So now that we’ve begun to clear the air around the mystery of Dadaism, we can start to demystify T.S. Eliot’s association with the group as well. Due to the dissemination of divergent aesthetics in the artistic community, I believe that T.S. Eliot certainly encountered the Dadaist Movement at one point or another, probably by the mid- to late- 1920s at the latest. In order to justify this claim, I turned to a short excerpted piece by Sean Coffer. Eliot, a recently converted Anglican Christian by the publication date of “Ash Wednesday” in 1927, was decidedly NOT that six years prior during the drafting of The Waste Land. The author of this particular paper claims that by edging closer to the aesthetics of the Zurich Dadaists, Eliot positions himself brilliantly into a new era of poetics, for himself and for popular art in general. The article breaks before Coffer’s thesis can be established and verified, requiring some additional extrapolation on my part.

The language of Eliot’s “Ash Wednesday” struck this reader immediately as broken and unsure, quickly alternating between peaks of emotional ecstasy and troughs of despair. The formal repetition of the poem’s opening lines (Section I is patterned off of the statement “because I…”) simultaneously evokes both sacrosanct, religious incantations and depressing resignations/lamentations. Yet the structure of the poem’s first portion IS as absurd as a Dadaist painting; it’s spontaneous, fluid and full of expression. The motivation for these rapid mood swings seems to be external to the poem (possibly hidden in plain sight?), and while it’s clear that he grapples with the values of his faith, there’s an underlying pain that translates beyond the poem. The fact that he can’t, or doesn’t, name this Pain might allude to the Dadaist conceit of calling one thing something else entirely; besides, the “naming” of this Pain seems almost superfluous to a comprehension of it (I expand on this below). While I admit that at the time of this writing I’ve only read the first little bit of this poem, I can sense that Eliot wants to exorcise the part of himself that’s riddled with doubt. Perhaps by confronting the most immediate emotional responses by undercutting the intellectual significance of his word usage, Eliot hopes to contrive a more base yet equally true understanding of self-. Some of the Dadaists were pretty pro-intellectual, but also pretty anti-bullshit; Duchamp’s readymades were so controversial because audience’s couldn’t see why Duchamp would so clearly mislabel a toilet a fountain. Maybe it’s a similar conceit; that Faith and the Emotions of Self are seemingly antagonistic entities who nevertheless must coexist, and while understanding and misunderstanding play a key role in the foundations of belief, overationalization will bring him further from any definition that would seek to reconcile them. Art, for both Eliot and the Dadaists, seeks to reconcile some version of Truth with what they already know and can perceive. Eliot’s ultimate struggle as a man of faith is, after all, to become whole with God, despite his fear of knowing too much about the physical world (man’s world) or perhaps not enough; whether he perceives this is possible still remains to be seen.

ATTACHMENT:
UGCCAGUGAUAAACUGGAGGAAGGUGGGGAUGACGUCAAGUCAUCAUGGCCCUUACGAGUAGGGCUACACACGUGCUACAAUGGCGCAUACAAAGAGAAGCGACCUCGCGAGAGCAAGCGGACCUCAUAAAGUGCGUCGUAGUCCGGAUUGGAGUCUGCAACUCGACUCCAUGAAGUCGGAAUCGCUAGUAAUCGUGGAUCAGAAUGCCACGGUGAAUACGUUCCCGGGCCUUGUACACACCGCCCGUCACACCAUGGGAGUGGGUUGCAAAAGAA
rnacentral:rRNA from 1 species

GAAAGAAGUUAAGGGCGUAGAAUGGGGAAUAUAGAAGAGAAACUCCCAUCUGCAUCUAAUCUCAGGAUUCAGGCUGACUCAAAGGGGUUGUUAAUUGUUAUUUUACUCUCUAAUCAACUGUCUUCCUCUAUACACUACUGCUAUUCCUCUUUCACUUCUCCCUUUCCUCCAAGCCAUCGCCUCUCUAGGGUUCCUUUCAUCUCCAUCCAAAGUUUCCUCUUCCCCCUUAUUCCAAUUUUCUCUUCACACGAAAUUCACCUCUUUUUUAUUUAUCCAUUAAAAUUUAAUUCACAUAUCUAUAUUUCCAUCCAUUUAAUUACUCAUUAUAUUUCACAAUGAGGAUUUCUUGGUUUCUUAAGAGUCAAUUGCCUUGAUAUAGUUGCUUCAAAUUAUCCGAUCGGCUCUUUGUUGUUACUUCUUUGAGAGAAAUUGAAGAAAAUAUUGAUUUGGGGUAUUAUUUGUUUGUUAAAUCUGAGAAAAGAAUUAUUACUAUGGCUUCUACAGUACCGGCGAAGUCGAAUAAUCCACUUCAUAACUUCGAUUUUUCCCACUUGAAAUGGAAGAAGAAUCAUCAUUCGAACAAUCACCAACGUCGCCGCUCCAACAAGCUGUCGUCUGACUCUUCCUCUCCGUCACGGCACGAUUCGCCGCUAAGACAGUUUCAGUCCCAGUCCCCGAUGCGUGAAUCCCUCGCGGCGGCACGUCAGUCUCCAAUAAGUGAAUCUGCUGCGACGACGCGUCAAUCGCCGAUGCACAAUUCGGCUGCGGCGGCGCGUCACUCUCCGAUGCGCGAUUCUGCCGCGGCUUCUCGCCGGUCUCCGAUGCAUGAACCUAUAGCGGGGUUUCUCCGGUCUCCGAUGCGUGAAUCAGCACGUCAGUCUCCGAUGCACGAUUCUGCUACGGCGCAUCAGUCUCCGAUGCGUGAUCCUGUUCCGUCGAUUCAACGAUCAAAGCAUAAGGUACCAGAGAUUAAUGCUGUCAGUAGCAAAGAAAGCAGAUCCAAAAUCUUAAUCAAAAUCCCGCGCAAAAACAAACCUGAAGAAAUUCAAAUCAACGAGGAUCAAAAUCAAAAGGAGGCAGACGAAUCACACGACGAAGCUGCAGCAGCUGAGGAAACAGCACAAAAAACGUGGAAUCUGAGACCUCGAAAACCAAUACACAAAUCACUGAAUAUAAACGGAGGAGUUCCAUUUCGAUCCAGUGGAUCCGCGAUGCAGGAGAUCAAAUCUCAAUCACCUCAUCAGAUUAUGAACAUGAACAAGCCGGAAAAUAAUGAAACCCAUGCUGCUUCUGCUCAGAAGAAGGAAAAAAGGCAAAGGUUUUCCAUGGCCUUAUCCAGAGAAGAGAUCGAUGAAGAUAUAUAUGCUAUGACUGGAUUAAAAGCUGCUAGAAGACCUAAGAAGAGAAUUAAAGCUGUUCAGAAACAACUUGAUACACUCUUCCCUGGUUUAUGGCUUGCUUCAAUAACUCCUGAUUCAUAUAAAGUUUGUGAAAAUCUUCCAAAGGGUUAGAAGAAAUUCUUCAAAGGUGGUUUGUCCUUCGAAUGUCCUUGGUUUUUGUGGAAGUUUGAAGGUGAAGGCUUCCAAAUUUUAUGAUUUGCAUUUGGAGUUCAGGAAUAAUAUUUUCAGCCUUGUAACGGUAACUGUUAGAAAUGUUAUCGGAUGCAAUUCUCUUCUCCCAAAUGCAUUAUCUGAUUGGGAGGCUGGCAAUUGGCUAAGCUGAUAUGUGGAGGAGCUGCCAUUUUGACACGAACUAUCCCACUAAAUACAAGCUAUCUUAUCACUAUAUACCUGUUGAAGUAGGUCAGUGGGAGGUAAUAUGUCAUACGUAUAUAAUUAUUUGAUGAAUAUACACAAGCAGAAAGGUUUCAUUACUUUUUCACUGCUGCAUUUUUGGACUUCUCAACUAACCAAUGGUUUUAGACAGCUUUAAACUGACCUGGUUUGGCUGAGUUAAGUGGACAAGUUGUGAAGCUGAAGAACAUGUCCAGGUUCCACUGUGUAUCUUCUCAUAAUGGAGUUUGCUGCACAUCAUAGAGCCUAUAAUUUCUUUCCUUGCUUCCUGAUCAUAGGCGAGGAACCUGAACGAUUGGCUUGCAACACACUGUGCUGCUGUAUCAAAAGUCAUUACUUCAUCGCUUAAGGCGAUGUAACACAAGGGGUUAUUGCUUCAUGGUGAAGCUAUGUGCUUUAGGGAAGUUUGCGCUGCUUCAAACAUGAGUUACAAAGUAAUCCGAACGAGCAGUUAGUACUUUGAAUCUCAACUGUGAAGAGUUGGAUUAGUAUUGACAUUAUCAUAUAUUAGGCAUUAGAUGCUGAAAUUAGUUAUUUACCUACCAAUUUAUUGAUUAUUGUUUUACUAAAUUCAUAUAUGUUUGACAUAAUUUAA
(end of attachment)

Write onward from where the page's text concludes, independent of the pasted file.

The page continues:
Most of this article’s info was shamelessly pulled off the Wikipedia page for Dada and a Poetry Foundation reproduction of Ash Wednesday. Additionally, here are several other sources that helped me break down the movement from a specific vantage point:

Dada and The Broom

In the Dada Manifesto, Tristan Tzara states that “Dada is nothing”. The Broom magazine published art and poetry post WWI. In the first issue published there is art by Pablo Picasso. The image I found most interesting was Volume 4 Issue 1. The image is on page 13 following a poem by Louis Grudin. The poem has a similar feel to the Wasteland with multiple characters and narrators. The image on page 13 looks like a two-headed child with one side monstrous and the other normal. Comparing the art to the poem, there is not an immediate correlation. The image is also blocky, looking almost like a work of cubism. The image is childlike and does not logically fit with the poem it follows.